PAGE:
As Hartford reeled from a violent weekend during which two men were killed just hours apart, city leaders on Monday promised to bring more police to fearful neighborhoods.
Mayor Luke Bronin, speaking Monday at city hall, said that the police department will continue increased staffing in areas where crime statistics show “a spike in violence or a risk of increased violence.”
One such area was the neighborhood around Durham Street, where two men were shot, one fatally, during what police suspect was a dispute over drugs Friday evening. As officers worked to gather information on that slaying, a gunfight between four men erupted on Albany Avenue near Woodland about 12:30 a.m. Saturday, leaving one dead and one clinging to life with what police called “extremely critical injuries.”
Police were still investigating Monday and had not identified the victims, who are the 21st and 22nd homicide victims of 2017 in Hartford.
Police officials say the neighborhoods where the shootings took place — Blue Hills and Upper Albany — have benefited recently from “additional resources” driven by an increase in the number of shootings.
Deputy police Chief Brian Foley said Monday that going forward, those neighborhoods will get more uniformed patrols, plainclothes officers and resources from the detective bureau. The move, Foley stressed, “is a specific response to the activity from over the weekend.”
Blue Hills has already received more uniform patrols on weekends, Foley said, and it was those extra officers who were first on the scene Friday on Durham Street.
“Unfortunately, with all the cameras and all the extra officers, the fact is that these things still happen, and I think it speaks to the desperation of the situation that some people in our city face,” Foley said. “Even knowing that the cops are there, knowing that the cameras are there.”
It’s no secret, however, that the capital city’s police force is not at full strength — it’s shy about 100 officers, and faced 25 retirements in the last fiscal year alone. In light of that personnel shortage, these increased deployments will cost the city. But Bronin doesn’t seem deterred.
“Obviously that comes with an overtime cost, but we are prioritizing public safety and we are ensuring that we are maintaining the level of presence and the level of staffing in our neighborhoods as the chief and our command staff think necessary, and that’s not driven by how many police officers we have on staff,” he said. “Obviously, sustaining that all the time becomes difficult, and that’s why we are focused on recruiting actively, aggressively and continuously.”
Hartford recently started a class of 21 recruits, and an earlier class of 16 recruits graduated from the academy Sept. 8.
Regardless of how the officers are deployed, city officials are calling for the plan to be developed with help of residents in those communities.
City Council President Thomas “TJ” Clarke II lives about two blocks from Durham Street, and said that his neighbors are outright fearful of the violence that has reached their stretch of the city.
“Whatever we do in this city for public safety, we need some buy-in from the neighborhoods,” he said. “The [neighborhood revitalization zones] and block watches need to work hand-in-hand with the police. There needs to be a neighborhoodwide communication as to what is our quality-of-life plan and our public-safety plan.”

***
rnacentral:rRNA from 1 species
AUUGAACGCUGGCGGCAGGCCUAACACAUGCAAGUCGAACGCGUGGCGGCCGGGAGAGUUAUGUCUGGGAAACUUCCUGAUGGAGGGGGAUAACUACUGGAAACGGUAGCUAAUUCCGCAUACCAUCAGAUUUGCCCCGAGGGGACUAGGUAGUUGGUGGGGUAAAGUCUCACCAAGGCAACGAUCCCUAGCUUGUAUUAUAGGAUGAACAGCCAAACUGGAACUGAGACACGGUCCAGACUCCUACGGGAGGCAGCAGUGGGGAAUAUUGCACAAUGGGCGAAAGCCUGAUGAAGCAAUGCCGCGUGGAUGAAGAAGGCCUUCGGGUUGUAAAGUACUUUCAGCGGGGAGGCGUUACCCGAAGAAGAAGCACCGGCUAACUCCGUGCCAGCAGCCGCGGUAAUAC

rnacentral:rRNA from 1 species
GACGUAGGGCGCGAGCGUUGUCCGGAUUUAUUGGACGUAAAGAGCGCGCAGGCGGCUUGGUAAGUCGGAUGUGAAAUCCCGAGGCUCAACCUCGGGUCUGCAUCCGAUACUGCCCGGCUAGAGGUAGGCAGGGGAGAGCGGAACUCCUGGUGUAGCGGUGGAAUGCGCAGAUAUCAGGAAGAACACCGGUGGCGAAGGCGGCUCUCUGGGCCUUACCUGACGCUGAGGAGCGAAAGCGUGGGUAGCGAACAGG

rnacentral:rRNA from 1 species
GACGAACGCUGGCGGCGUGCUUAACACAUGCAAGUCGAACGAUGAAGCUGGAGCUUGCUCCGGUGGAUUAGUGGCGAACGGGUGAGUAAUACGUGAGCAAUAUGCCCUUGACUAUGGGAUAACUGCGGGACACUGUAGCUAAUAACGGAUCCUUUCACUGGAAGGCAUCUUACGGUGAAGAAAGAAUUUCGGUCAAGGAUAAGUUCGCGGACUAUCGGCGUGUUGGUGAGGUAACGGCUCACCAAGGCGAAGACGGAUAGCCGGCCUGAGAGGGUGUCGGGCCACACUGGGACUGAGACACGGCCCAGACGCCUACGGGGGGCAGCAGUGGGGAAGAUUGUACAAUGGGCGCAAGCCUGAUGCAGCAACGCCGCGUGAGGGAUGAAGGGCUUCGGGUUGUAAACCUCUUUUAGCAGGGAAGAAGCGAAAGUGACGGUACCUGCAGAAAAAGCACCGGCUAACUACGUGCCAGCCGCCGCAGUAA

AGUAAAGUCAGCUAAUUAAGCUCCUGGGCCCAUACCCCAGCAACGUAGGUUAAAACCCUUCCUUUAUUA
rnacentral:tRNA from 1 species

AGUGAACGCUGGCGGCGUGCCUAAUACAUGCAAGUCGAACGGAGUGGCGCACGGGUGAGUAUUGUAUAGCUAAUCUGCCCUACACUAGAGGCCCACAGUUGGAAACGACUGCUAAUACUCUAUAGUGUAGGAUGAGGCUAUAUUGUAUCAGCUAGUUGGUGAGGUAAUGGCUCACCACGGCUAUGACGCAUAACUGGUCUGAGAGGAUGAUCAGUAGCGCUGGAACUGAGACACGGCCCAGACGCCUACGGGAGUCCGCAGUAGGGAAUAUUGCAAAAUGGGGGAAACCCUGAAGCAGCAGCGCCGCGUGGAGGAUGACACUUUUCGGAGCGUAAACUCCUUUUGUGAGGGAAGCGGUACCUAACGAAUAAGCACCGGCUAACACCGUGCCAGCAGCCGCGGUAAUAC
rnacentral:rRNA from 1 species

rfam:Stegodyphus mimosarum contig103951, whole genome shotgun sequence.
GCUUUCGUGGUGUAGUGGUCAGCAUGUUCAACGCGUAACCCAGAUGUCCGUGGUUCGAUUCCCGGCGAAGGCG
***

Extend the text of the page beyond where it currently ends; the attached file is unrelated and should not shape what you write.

Clarke said he’s motivated to host a community forum on the issue, similar to one he organized earlier in the summer.
Bronin agrees the solution will involve more than just raw manpower.
“In addition, an important part of this is staying engaged with our community partners,” Bronin said. “We have a number of community partners that do important work in the wake of violence to try to reduce any possibility of retaliation, to try to intervene, to work directly with families and with those who have been involved, and we’ll continue that.”
Bronin said he spent the hours since this weekend’s spate of violence working with community partners, even taking walking tours of the neighborhoods where the shootings occurred.
Other community leaders say the neighborhoods must work from within to solve their issues, even as the city offers its help.
“There has to be a lot of education, lot of outside support for people who don’t want this to happen where they live, but don’t have the necessary backup to stand up and say something,” the Rev. Ashley “AJ” Johnson said. “Most people want drug dealers out of their neighborhood, but they are afraid to get that person out due to fear or retaliation of particular people.”
Johnson, the head of Urban Hope Refuge Pentecostal Church and a member of the Christian Activities Council in Upper Albany, said that community groups must be willing to “stand in the gap, at the risk of our grants and funding, to support our residents.”
His words echoed those of the Rev. Henry Brown, an anti-violence activist behind Mothers United Against Violence.
“We have to do better, we can’t put this on the police; they can’t be everywhere at one time,” Brown said. “We need to start policing our own community. We need to be the ones saying, ‘No more violence.’”
Brown’s group is hosting a protest march Tuesday at 5:30 p.m., during which its members will drag a coffin from the intersection of Albany Avenue and Garden Street to the site of Saturday’s homicide. The theme of the event, Brown said, is removing the veil of silence around city killings.
“We constantly want to blame everybody, but we’re not doing what we’re supposed to be doing to save lives,” Brown said. “Until we start talking about these issues, we won’t be able to stop these killings.”